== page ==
Stereotypes are used again, in a different way, in the section on the feather industry. Again and again, Boase describes feather manufacturers–the men responsible for the labor sweatshops–as Jews. The very first page introduces Alice Battershall’s accusatory employer as “Abraham Botibol, a prominent Jewish feather manufacturer….” A few pages later, he is described as “a hard-nosed man of commerce—a London-born, middle-aged Sephardi Jew with heavy interests in the trade and prone to exploit his largely female workforce” (p. 3). He is never merely Mr. Botibol, he is always “Jewish manufacturer Mr. Botibol” (p. 5). The feather industry was “a known network of mostly Jewish employers between which the workers passed, were dropped and picked up again” (p. 4).  No other characters or group of characters are described so persistently with the use of their religious, ethnic, or racial names. There is no effort at context. For example, while it is true that most of the feather manufacturers were Jewish, there were reasons, and these reasons are explained in a scholarly book cited heavily (for other facts) by Boase herself. Without these explanations, the continued use of ‘Jewish’ as a descriptor sends a very different message, one redolent of Shylockian stereotypes.

Another issue is Boase’s tendency to create stories, even when there is no factual evidence. This first came to my attention in her description of an 1888 feather and bird auction in London. Boase dramatically describes an undercover operation, a writer for The Auk, the American ornithological journal, paying “a clandestine visit” to the auction and evaluating the numbers and diversity of the thousands of skins and feathers for sale.  She describes the reporter’s experience: “The deeper he walked into the warehouse, the brighter became the colours….The atmosphere in the warehouse was one of muted frenzy, as dealers sorted through bales of feather skins searching eagerly for novelties” and his thoughts: “Probably family Coerebidae, he noted, fleetingly imagining the live bird in its tropical habitat–the slender, curved bill; the flash of yellow belly; the shaggy round nest with a side entrance hole” (p. 51-52). The only problem is, none of this drama is in the original article, which is simply a listing of the items for sale as taken from the auction catalog. The undercover operation, the warehouse frenzy, the reporter’s thoughts–these were all manufactured by Boase.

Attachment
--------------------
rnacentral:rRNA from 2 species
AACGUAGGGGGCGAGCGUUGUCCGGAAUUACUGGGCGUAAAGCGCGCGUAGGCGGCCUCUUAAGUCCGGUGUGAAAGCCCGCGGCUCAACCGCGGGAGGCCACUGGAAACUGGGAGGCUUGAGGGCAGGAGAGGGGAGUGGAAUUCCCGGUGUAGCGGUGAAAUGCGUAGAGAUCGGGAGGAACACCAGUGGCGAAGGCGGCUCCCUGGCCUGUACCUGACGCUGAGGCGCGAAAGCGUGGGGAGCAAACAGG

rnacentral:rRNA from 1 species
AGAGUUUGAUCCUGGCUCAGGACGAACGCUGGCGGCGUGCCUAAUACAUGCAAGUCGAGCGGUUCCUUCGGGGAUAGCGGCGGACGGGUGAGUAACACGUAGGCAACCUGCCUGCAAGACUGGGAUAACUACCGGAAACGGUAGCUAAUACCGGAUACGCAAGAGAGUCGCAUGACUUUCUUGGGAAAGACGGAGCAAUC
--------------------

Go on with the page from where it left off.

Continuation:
The tendency to dramatize, to insert dialog and create scenes for which there are no factual basis occurs again and again throughout the book, particularly with Etta Lemon. Boase recreates Etta Lemon’s tea parties, complete with dialog; tells us Etta’s thoughts at RSPB meetings; and gives us a sample day of Etta running Redhill War Hospital during World War I, pushing “though the heavy front door”…”hit by the tarry smell of carbolic lotion”….nodding, tutting sympathetically as she is briefed by her head nurse (pp. 247-8). She describes Virginia and Leonard Woolf walking to the polling booth to vote in December 1918, Virginia noting the displays in the Surrey shop windows and commenting, “I don’t feel much more important” (p. 254). Only–Virginia Woolf was not in Surrey on December 14th, 1918. She was in Guildford visiting her dear friend Roger Fry, and her quote comes from the January  11th 2018 Diary entry, a brief one commenting on the passing of the Suffrage Bill by the House of Lords. I know, because I have Volume One of The Diary of Virginia Woolf on my bookshelf.

Although Boase sometimes makes clear that she is imagining her stories, filling out sparse facts with a play-like scene, there are too many other instances like the bird auction, when fiction is passed off as fact. This made me doubt parts of the book, particularly those that are uncredited or credited to a secondary source (both the auction and the Virginia Woolf story are from secondary sources, even though the originals are not difficult to find). For example, did Alice Battershall, the London feather washer who stole a feather, really marry a carter named Robert Chipchase, have a daughter and son, the latter lost to the war, and did she really walk to her polling booth in St. Luke’s Finsbury? First Boase tells us she did, then she says maybe she didn’t. There are times when it’s not clear if this is social history or a story based on the facts, like a television dramatization.